Illinois Comptroller Susana Mendoza said the state’s financial condition is moving in the right direction despite a structural deficit, multi-billion dollar backlog of bills and one of the highest unfunded pension liabilities in the nation.
During a virtual conversation Friday with Southern Illinois University’s Paul Simon Public Policy Institute, Mendoza said that wasn’t the case last year when things looked dire when the COVID-19 pandemic caused a delay in tax collections.
“That is why we had to rely on borrowing from the Federal Reserve at a lower rate just to get us through April and May, which typically would be our best months,” Mendoza said.
Once per calendar quarter, the state of Michigan conducts a Consensus Revenue Estimating Conference that provides updates on both the national and state economies and the state’s fiscal outlook. The May conference each year is especially significant because it sets the official revenue targets for the next fiscal year’s state budget.
Another chart broke down the components of personal income. Over the previous four quarters, personal income was nearly $3,000 higher than pre-pandemic forecasts had expected. However, employee compensation actually declined by about half that amount. The entire increase is the result of the 53 percent increase in federal transfer payments that have floated U.S. households over the past year.
Wirepoints calculates that retirement costs will consume 26 percent of the 2022 budget. The state is set to contribute $9.4 billion in General Funds to pensions, pay $777 million in pension bond costs, and pay an estimated $1 billion in retiree health costs.
In total, that’s $11.2 billion of the $42.3 billion budget consumed by retirement expenditures.
On top of the payments from the General Fund, another $1.2 billion in pension payments will come from other budget funds, meaning the state’s total retirement costs will be an estimated $12.4 billion in 2022.
State, city and county governments this week will receive their first infusion of direct aid from $350 billion in emergency funds approved in the American Rescue Plan, two months after President Joe Biden signed the COVID-19 relief package into law.
The Biden administration launched an online portal Monday that will allow local and state governments to access their share of funds from the Treasury Department. The amount allocated for each state and municipality was determined by unemployment data.
Most will receive money in two tranches – one this year, the second in 12 months – but states that have seen their unemployment rates increase by 2% or more since February will receive funds in a single payment. Payments will begin within days. Money must be spent by the end of 2024.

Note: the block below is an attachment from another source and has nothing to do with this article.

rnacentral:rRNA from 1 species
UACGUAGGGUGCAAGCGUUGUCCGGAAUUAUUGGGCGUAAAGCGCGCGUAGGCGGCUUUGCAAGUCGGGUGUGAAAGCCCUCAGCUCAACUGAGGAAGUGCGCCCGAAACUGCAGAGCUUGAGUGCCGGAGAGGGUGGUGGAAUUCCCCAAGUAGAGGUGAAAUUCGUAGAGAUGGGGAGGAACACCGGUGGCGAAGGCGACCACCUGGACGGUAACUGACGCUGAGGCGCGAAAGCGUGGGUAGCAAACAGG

Like many cities, Nashville is also in hock to pensioners, with $4.3 billion in unfunded promises for retiree healthcare. And though Nashville’s pension system is well-funded, it is also expensive to maintain because employees contribute almost nothing, leaving taxpayers on the hook for about $110 million in annual contributions—and potentially more when investments tank. Despite the burden, the city resisted adopting reforms the state enacted in 2013, when Tennessee switched to a pension plan that requires employees to contribute 5% of their wages.
Nashville’s balance sheet wasn’t in any shape to endure a massive pandemic hit. Led by a 50% decline in tourism, the city’s economy slumped last spring, and unemployment soared above 15%. That punched a $332 million hole in the fiscal 2021 budget, prompting then-Tennessee Comptroller Justin Wilson to warn in September of a state takeover. The city could become “kind of like a teenager coming to their parent asking for $20 to go to the movies,” he said.
U.S. Senate Majority Whip Dick Durbin (D-IL) and U.S. Senator Tammy Duckworth (D-IL) today released the following statements after the Senate passed President Biden’s American Rescue Plan, which will provide emergency relief to Illinois:
To avoid dramatic budget cuts at every level of government:
Estimated $13.2 billion in state and local funding for Illinois including $1.8 billion for Chicago.
The bill provides an estimated $7.5 billion for the state and $5.5 billion for Illinois locals ($2.3 billion for counties; $2.4 billion for larger cities; $681 million for smaller municipalities).
Multiemployer Pension Relief:
By prolonging the solvency of the Pension Benefit Guaranty Corporation (PBGC), more than 100,000 Illinoisans will have their hard-earned pension benefits preserved
“If the point of the stimulus bill is to just prevent state and local governments from having to cut back on spending or having to implement tax increases, then the $350 billion is way too much,” said Dan White, director of public-sector research at Moody’s Analytics. “Is that money better spent directly in terms of federal fiscal stimulus, as opposed to it flowing through states? If you use that money for PPP or for enhanced unemployment insurance, does it have a bigger bang for the buck in terms of economic stimulus?”